This not only gives me total control over the music, allowing me to choose the right instruments, tone, pace, and mood, but I have more options with the footage as well, as I sometimes found myself leaving out a great scene out to match another scene with a certain part of a song. Adrian is also a very dynamic composer, and can give me widely varying styles and genres; exactly what I need when working with all the different things I film.
Rap Legend Jesse Dangerously just released his latest single, a remix of Tired Angels from Krista Muir’s most recent album. He wanted a bit of breathing room between verses and asked me to write a ukulele solo, so we hit the studio a couple months ago. I was lucky enough to learn a lot about the recording process that had largely remained a mystery to me.
This was my first time trying to write music that wasn’t a cover. It was unique challenge, cause it’s hard for me to tell what sounds good vs. what sounds good only to me. I also have a habit of trying to fill my arrangements with too many ideas instead of following a theme, so this time I tried to build on the hook that Krista sings. Then I added as much vibrato as I could on my soft cedar-topped nylon-stringed uke to fill out the sound.
I also provided some backup harmonies at the start of Noah23’s verse, and it’s weird to hear my singing with some real production. I don’t think I’d recognize my own voice if someone didn’t tell me it was me.
Jesse has the ability to piece together a bunch of motley musical ideas from various genres, and it’s awesome to hear something that started out as a simple rap song become more than the sum of it’s parts.
I was very excited to be working with Liz again when approached me to shoot a promo video for her photography business. Since she does engagements, weddings, and pet portraits, we decided to film all three types of sessions.
Liz lists some of her favourite things as her hubby, her pups, her shoes, and her Apple products, so I included little bits of each to give it a personal touch. I also kept the grading crisp and clean with colours that pop out of the screen to match Liz’s style of vibrant photography, of which I’m a huge fan. My main goal, however, was show how fun it is to be one of her subjects because she has a perpetual smile and bubbly personality that puts anyone at ease.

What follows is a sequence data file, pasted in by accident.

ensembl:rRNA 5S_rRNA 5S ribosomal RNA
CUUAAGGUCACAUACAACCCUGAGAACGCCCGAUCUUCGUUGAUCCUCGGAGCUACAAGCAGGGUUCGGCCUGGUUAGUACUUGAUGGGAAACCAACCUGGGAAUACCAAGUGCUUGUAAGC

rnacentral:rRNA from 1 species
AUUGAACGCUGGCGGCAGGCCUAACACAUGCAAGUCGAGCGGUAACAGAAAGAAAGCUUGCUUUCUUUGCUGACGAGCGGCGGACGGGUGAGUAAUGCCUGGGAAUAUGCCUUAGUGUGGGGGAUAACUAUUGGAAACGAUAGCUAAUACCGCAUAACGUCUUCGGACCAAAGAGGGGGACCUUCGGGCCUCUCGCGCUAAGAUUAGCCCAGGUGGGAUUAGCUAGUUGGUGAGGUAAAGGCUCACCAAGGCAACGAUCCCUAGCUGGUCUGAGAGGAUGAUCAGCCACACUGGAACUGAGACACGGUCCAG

A special film for a special couple.
I was given the chance to film the wedding of Jenny and Dave on the Hawaiian island of Maui. Everything about the day was gorgeous, from the tropical weather to the burgeouning centrepieces to the torchlit reception. It all came together to create an atmosphere of sublime charm, and I had so much fun capturing it all.
I make each wedding film as accessible as possible, so anyone can get a sense of the day even if they weren’t there. But I also include certain things that would be understood by only the people involved. In this film it was shots such as an uncle doing an hilarious bump-and-grind on the dance floor, or the bride tearing up while writing her speech, or the father-in-law saying a few words while firmly holding the groom’s hand during the tea ceremony. Details such as the latter may not seem like much to an outsider, but family and friends at the wedding would understand how such a small physical display of affection can mean so much.
This was by far my most challenging wedding film to make, but it was well worth it. For a while, it became my reason for living, the one I wanted to be remembered for, and my goal was to deliver this film before I died. There’s a piece of my soul in it, so I can’t say how lucky I am to have been given this opportunity to create this for Dave and Jenny, and how I happy I am to know they deserve it.